The Bishop Nestor-Desire Nongo-Aziagbia of Bossangoa and Vice President of Central African Republic’s (CAR) Bishops’ Conference has called for the lifting of a arms embargo imposed on the country since 2013 which bans all supplies of arms except to government forces. He also welcomed the United Nations’ strengthening of peace-keeping operations in the country.
“Armed groups are killing and maiming people. Unless concrete action is taken to disarm and resist them, nothing can be achieved,” argued the Bishop
Bishop Nestor-Desire said: “Some of the peacekeeping contingent lacked equipment” and they are challenged by much “bureaucracy, so this reinforcement is an important step.”
Reports of the intractable war in CAR continues as the Seleka Muslim Militia continue their campaign of killings. In turn, this prompts reprisals from the so-called Christian Anti-Balaka militia who have formed to defend their communities in the absence of any government action to provide protection and security.
In September 2017, the north-western town of Bocaranga was attacked. Thousands were displaced, many of them women and children. “Others sought refuge in the Catholic church compound or in schools, and others at the UN peacekeepers’ base (MINUSCA).
Witnesses said. “Early the following day, just after 5am, a MINUSCA patrol was seen near the Catholic church compound. Two armoured vehicles were stationed at its entrance. At about 5.30, the first column of armed rebels entered the town. They passed by the Catholic compound. The UN soldiers were still there, outside their armoured vehicles. The rebels greeted them, before continuing on their route.
“A few minutes later, the first detonations of automatic rifles were heard. Meanwhile, the two UN armoured vehicles left the Catholic compound and moved towards the town. They seemed to be going back to their base, 3km away.
“The detonations and shootings continued through the day, until 6pm. For about eight hours, the rebels attacked and overran the town, without any reaction from the MINUSCA troops.”
On Sunday 24 September, the whole town was under rebel control, though MINUSCA said its troops had intervened and repelled the attack.
Reports say a total of 3,388 IDPs arrived in Bozoum during the three to four days that followed the attack.
Those who were able to go back to their former homes in Bocaranga said the rebels, believed to be the 3R (Retour, Réclamation et Réhabilitation), an Islamic Fulani group led by Abass Sidiki, and the MPC (Le Mouvement Patriotique pour la Centrafrique), led by Mohamed Bahar, looted and ransacked mainly the predominantly Christian districts of the town targeting specifically the commercial district, Catholic sector and the Bollara area, where most NGO offices were located. The attackers spared the Muslim districts who were said to sympathise with the militias.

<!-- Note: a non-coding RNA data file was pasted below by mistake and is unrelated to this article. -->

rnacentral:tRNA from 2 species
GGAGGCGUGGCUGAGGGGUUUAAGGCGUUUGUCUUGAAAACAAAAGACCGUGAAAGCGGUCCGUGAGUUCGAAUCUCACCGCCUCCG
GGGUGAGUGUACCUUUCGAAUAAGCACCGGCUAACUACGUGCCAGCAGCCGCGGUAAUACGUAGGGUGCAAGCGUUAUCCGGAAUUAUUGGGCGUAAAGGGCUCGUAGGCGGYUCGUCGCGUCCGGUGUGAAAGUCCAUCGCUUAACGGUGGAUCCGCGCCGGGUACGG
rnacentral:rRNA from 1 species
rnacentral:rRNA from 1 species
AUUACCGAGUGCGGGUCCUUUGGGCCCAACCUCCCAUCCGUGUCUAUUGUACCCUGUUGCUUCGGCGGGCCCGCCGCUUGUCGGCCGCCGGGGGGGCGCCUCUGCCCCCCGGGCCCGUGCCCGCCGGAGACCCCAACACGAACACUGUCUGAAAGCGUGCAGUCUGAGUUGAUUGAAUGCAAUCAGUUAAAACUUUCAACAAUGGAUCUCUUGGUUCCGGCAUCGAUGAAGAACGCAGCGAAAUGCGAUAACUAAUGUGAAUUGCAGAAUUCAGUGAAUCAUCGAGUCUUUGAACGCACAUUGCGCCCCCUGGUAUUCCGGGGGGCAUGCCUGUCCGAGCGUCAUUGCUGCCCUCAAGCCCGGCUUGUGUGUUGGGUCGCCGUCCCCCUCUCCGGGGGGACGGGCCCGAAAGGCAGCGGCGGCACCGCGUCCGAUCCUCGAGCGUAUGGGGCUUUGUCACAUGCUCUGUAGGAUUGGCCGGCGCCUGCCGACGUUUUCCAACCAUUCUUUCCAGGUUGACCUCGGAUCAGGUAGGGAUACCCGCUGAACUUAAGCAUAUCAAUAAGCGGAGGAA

Though MINUSCA eventually launched an offensive, on 7-8 October, to remove the rebels from Bocaranga, the IDPs in Bozoum were not impressed. “Why did the UN troops wait for more than two weeks to intervene?” they asked.
In August, the MINUSCA; Moroccan troops, were accused of the same complacency following an attack in the eastern town of Gambo that left dozens dead, including ten Red Cross workers.
In Bangassou also Bishop, Juan José Aguirre Muños, demanded the withdrawal of another Moroccan contingent following the indiscriminate killing of civilians while the UN peacekeepers did little or nothing to help.
Bishop Nongo-Aziagbia said when the UN Secretary-General Antonio Guterres met with both Christian and Muslim leaders, he promised to increase the Peace keepers by 900 troops when its mandate is renewed15 November. “I’m optimistic this will mark a turning point,” the Bishop said Guterres “clearly wants to help us find a way forward and out of this difficult and complex situation, which is being manipulated from so many angles.”
Agence France-Presse reported on 28 October that 13 of 16 prefectures in the country are still controlled by armed gangs, despite the presence of UN peacekeepers.
Bishop Nongo-Aziagbia asking for the empowering the cointry’s army so as to bolster the fight against the several militia in the country, argues that “A national army is the symbol of a country, and a country without one isn’t a country. We can’t go on relying on foreigners for our security,” said the bishop, who survived abduction by Seleka rebels in 2014. “While we understand the precondition is that our forces must be properly trained, it’s also crucial a commitment is now made to work toward a professional army.” He added.
Hassan John is West Africa Editor, GCN and Priest of the Anglican Diocese of Jos